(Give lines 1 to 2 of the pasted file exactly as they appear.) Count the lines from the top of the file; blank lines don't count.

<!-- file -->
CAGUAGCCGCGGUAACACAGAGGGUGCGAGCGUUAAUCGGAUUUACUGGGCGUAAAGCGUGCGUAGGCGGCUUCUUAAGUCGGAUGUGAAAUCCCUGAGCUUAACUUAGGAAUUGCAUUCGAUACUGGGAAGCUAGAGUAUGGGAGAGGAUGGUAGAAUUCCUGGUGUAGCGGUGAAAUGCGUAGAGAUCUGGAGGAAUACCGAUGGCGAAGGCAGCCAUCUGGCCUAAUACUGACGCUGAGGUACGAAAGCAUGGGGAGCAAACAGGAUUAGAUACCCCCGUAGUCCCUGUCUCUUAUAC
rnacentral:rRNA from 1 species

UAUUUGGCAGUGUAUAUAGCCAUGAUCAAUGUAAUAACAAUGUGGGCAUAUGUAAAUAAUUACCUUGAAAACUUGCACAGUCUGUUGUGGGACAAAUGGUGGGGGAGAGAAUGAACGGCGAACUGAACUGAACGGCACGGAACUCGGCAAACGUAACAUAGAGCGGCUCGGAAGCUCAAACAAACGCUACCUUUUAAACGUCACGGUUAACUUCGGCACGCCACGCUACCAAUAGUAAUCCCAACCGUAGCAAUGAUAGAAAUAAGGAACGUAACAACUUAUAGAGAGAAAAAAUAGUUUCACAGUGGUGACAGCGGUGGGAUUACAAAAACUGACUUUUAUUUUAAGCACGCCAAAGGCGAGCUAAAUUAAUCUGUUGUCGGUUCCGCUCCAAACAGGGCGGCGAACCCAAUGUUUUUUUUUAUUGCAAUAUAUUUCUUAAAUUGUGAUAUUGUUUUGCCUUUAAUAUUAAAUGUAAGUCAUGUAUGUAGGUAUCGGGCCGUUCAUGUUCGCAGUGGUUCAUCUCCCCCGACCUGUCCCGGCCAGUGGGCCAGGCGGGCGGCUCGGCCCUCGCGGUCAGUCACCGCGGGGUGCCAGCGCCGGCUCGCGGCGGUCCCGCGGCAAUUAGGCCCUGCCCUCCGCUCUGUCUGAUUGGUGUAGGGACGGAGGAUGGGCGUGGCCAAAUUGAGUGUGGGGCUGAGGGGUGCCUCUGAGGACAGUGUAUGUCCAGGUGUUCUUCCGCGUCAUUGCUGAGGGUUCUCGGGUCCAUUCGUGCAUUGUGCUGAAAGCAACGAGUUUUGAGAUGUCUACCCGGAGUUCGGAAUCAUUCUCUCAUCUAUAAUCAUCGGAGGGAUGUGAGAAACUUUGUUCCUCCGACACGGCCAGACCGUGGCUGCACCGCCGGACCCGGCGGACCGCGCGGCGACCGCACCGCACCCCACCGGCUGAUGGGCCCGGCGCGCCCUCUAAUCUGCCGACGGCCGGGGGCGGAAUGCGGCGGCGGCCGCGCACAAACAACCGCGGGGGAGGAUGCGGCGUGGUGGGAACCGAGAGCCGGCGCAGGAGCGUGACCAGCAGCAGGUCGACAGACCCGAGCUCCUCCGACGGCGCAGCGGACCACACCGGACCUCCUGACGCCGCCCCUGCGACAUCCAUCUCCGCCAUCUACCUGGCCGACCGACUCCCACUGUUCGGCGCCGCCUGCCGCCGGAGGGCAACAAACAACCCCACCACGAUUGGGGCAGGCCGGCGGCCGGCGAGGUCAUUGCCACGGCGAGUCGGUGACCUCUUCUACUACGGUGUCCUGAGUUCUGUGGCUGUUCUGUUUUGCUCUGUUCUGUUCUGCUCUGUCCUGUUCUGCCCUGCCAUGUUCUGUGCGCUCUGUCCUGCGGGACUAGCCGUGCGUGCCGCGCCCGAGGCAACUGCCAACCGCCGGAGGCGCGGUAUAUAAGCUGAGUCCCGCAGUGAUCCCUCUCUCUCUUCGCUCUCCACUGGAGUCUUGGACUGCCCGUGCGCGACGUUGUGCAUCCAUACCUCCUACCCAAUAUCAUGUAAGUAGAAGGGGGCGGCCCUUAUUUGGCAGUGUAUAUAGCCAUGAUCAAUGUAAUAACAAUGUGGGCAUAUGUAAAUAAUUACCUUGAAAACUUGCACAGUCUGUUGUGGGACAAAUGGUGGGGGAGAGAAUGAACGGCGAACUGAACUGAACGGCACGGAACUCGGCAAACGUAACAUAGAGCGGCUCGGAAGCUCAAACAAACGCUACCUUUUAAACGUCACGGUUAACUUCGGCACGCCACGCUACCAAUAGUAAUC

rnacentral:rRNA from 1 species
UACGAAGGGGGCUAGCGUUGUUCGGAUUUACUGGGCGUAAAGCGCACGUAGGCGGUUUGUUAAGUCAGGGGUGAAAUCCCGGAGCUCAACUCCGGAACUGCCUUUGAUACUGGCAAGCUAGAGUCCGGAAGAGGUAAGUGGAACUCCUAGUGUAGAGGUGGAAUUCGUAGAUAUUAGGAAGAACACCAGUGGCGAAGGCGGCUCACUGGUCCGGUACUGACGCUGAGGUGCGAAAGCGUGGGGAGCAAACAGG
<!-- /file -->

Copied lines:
CAGUAGCCGCGGUAACACAGAGGGUGCGAGCGUUAAUCGGAUUUACUGGGCGUAAAGCGUGCGUAGGCGGCUUCUUAAGUCGGAUGUGAAAUCCCUGAGCUUAACUUAGGAAUUGCAUUCGAUACUGGGAAGCUAGAGUAUGGGAGAGGAUGGUAGAAUUCCUGGUGUAGCGGUGAAAUGCGUAGAGAUCUGGAGGAAUACCGAUGGCGAAGGCAGCCAUCUGGCCUAAUACUGACGCUGAGGUACGAAAGCAUGGGGAGCAAACAGGAUUAGAUACCCCCGUAGUCCCUGUCUCUUAUAC
rnacentral:rRNA from 1 species